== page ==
Compulsory preferential voting allows for a manipulation of the system. There are a range of "independent" and "minor party" candidates in play. They have the support of the major parties - and indirect funding from them. They may be "one issue" people or "popular issues" people. They will subtly "encourage" you to vote for a major party.

All major parties do this. It only pays them to do it because of the compulsory nature of preferential voting. Without that there would be no need. 

The ideas that this is somehow "democratic" or "encourages diversity" need to be hit on the head - and hit hard. This is how we now have a government that is the first choice of less than a third of the country. Yes, we can argue that the second, third, fourth etc preferences are ours and ours alone, that nobody can tell us how to vote. That is not the problem. The problem is being required to vote for those choices when we may find their policies abhorrent - and then find they get in on those preferences. It is time to acknowledge that and change the way we vote.   

Saturday, 21 May 2022

Gender neutral bathrooms

or the "removal of doors" in a toilet block at one of our northern suburbs high schools is the latest piece of idiocy in the "gender debate". The cubicles still have doors but the facilities are now wide open to public scrutiny.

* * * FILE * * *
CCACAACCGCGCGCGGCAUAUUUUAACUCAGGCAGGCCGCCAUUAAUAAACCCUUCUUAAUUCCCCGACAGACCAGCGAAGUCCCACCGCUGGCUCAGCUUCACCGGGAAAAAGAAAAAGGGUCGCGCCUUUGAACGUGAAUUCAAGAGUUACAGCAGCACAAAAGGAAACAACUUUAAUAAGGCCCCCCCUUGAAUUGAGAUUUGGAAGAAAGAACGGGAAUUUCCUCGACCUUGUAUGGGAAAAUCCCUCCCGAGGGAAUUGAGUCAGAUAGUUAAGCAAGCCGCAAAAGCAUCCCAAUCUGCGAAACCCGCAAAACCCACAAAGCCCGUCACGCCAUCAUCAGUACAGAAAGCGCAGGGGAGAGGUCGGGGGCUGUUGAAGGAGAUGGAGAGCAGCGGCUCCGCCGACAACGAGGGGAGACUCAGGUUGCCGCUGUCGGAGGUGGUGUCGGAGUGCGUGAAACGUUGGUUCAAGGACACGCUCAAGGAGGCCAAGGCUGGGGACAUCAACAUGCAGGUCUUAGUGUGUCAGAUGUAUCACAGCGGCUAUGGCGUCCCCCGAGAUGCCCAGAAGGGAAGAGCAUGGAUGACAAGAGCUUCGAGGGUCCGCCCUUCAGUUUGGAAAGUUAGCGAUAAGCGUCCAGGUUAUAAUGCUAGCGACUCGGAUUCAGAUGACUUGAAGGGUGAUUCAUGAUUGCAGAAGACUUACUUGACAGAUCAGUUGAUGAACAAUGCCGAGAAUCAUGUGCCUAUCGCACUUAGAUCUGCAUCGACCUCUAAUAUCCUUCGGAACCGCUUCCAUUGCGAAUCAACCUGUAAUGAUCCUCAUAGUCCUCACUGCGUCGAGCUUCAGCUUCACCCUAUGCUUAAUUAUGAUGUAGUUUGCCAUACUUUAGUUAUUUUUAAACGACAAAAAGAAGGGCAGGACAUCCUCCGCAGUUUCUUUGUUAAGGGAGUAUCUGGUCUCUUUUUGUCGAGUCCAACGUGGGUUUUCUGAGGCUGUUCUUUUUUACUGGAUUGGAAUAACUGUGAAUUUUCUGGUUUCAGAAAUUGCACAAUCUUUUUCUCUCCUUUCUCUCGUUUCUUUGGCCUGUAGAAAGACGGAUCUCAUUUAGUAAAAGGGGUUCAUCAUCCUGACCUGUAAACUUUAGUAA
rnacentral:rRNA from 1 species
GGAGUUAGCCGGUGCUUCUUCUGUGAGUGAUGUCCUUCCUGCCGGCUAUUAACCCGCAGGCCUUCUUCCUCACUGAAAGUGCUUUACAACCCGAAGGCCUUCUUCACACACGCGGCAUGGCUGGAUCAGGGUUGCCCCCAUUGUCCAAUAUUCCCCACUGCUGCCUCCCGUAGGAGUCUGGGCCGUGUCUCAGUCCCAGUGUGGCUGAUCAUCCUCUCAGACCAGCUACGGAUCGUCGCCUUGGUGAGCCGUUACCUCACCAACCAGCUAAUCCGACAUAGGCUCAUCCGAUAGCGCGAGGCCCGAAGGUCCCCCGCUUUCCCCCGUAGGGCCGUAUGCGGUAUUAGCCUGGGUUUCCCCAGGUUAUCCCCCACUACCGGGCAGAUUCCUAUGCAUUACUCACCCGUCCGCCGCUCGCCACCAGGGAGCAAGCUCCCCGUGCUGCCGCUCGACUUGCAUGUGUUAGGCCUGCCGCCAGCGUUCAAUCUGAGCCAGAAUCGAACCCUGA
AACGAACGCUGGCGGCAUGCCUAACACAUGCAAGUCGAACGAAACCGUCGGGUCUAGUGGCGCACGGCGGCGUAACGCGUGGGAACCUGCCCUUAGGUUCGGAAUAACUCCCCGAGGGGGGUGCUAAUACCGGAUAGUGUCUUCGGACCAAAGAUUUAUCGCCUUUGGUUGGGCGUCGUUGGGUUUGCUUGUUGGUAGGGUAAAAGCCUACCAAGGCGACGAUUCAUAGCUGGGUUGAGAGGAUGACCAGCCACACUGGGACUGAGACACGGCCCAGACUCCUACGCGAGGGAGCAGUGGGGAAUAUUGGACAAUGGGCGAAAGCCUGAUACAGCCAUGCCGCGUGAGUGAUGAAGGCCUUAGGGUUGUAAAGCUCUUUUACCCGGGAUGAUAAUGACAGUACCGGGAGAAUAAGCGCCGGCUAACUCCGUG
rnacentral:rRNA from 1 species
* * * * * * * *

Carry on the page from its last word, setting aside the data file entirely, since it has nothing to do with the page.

There has, rightly, been a backlash. It is an area which has more than its fair share of social problems. The move will not make things "safer" for those using the facilities. Students will always find a way around that. What it has done is make it more difficult for some students to actually use the facilities at all.

This was reported in the paper this morning but  I actually learned about it several days ago. A friend who is closely associated with the school in question told me about the way in which several girls from minority ethnic backgrounds had approached her. They are distressed by the action. For them using any public facilities is something they find difficult. Using something wide open to public view is a step too far.

"They are trying to hold on until they get home," my friend informed me.

I didn't bother to ask about the urinals for the boys. The girls were her concern - and mine. Too many of them come from backgrounds where these things are not mentioned to others, even at home.